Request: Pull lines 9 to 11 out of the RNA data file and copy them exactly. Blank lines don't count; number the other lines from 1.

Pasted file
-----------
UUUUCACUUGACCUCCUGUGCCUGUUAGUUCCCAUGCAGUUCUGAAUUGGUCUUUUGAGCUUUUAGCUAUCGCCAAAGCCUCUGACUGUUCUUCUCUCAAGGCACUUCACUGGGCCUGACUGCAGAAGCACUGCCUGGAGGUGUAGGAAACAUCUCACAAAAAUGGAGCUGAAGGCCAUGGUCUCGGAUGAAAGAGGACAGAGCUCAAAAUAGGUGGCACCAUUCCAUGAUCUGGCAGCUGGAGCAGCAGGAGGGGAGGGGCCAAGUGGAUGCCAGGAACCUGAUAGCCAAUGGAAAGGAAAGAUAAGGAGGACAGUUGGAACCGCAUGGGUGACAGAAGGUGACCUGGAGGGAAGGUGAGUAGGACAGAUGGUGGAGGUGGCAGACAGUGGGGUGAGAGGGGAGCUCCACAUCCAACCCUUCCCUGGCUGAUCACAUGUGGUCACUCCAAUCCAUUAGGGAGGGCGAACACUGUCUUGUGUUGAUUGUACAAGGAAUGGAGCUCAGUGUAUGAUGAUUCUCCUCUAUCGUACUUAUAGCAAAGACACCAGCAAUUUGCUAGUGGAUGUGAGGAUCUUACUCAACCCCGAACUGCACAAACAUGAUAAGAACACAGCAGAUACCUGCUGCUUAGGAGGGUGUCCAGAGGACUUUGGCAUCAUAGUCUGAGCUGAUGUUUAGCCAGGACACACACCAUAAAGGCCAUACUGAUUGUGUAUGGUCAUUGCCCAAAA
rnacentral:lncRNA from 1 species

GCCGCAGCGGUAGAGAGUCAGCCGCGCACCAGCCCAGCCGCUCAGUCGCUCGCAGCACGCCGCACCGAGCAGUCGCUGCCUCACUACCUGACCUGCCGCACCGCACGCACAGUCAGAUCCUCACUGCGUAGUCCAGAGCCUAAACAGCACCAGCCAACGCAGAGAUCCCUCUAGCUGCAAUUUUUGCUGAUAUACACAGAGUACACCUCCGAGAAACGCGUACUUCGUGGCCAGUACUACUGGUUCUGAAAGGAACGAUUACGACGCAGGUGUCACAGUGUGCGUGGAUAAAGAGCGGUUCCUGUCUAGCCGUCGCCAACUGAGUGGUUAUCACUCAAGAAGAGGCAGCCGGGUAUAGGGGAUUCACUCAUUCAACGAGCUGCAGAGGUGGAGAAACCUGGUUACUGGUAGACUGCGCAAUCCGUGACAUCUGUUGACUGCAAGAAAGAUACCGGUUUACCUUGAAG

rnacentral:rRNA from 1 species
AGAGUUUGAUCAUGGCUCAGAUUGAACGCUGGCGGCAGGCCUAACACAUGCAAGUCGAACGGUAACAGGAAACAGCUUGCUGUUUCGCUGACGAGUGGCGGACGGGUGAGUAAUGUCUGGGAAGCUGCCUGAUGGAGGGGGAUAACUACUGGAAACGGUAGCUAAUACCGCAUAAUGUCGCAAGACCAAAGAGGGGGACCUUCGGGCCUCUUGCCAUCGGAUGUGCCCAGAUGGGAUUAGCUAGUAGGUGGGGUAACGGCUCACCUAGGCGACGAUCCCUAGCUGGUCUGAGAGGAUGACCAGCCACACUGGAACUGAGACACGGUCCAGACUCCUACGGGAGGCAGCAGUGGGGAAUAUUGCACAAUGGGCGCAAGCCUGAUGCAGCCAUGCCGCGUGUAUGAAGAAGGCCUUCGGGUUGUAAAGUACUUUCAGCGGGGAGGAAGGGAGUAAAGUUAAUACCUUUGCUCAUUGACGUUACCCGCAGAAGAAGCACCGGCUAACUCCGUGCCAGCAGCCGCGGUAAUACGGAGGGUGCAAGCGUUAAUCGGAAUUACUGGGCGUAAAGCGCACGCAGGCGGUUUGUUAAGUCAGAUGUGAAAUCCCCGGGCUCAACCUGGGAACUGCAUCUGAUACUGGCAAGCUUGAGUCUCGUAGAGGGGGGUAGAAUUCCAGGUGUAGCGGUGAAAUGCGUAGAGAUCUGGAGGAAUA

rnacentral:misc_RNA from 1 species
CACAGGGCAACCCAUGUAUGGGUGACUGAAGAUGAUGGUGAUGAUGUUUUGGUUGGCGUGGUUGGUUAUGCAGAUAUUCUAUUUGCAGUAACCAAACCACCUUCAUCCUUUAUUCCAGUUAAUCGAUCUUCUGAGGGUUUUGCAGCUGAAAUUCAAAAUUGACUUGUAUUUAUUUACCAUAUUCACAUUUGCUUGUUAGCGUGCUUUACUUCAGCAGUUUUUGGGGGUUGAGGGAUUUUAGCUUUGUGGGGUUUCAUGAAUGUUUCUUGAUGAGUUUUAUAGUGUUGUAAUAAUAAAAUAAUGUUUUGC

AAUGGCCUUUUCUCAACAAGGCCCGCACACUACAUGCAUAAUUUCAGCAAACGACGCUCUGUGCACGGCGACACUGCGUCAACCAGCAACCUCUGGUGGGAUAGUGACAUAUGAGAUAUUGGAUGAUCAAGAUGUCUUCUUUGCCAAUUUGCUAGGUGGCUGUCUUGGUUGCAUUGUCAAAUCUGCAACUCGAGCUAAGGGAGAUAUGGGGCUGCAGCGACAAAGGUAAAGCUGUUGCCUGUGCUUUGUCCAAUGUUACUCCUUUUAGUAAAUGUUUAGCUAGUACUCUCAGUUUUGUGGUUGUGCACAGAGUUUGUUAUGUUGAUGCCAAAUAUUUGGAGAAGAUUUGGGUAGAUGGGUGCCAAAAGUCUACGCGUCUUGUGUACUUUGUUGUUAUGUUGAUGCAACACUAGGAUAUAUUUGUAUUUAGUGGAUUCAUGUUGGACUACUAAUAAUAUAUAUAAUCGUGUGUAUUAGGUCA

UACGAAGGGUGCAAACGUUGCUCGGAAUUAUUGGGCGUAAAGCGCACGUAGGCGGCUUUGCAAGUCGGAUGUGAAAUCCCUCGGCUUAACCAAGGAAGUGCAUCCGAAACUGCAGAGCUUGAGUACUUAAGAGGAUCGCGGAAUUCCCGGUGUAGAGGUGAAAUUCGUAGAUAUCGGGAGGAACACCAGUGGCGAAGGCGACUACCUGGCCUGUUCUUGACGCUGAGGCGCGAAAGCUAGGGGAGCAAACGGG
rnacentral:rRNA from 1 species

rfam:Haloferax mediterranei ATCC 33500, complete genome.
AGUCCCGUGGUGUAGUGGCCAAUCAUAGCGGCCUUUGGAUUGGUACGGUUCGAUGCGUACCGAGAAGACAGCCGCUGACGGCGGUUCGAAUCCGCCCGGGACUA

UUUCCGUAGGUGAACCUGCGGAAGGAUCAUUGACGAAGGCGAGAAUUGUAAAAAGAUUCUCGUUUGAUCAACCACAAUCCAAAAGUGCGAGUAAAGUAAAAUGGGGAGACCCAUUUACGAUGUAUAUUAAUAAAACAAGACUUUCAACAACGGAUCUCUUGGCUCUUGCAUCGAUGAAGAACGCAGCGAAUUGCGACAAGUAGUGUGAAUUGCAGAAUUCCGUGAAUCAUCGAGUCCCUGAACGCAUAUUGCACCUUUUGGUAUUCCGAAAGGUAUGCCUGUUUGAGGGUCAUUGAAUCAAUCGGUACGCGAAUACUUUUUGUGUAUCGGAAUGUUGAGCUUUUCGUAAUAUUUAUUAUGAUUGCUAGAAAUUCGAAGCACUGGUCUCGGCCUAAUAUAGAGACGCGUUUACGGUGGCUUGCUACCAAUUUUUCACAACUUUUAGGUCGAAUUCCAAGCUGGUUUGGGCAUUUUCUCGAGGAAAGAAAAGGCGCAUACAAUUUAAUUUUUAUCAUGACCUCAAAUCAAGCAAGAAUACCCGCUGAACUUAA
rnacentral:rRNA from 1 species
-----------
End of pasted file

UACGAAGGGUGCAAACGUUGCUCGGAAUUAUUGGGCGUAAAGCGCACGUAGGCGGCUUUGCAAGUCGGAUGUGAAAUCCCUCGGCUUAACCAAGGAAGUGCAUCCGAAACUGCAGAGCUUGAGUACUUAAGAGGAUCGCGGAAUUCCCGGUGUAGAGGUGAAAUUCGUAGAUAUCGGGAGGAACACCAGUGGCGAAGGCGACUACCUGGCCUGUUCUUGACGCUGAGGCGCGAAAGCUAGGGGAGCAAACGGG
rnacentral:rRNA from 1 species

rfam:Haloferax mediterranei ATCC 33500, complete genome.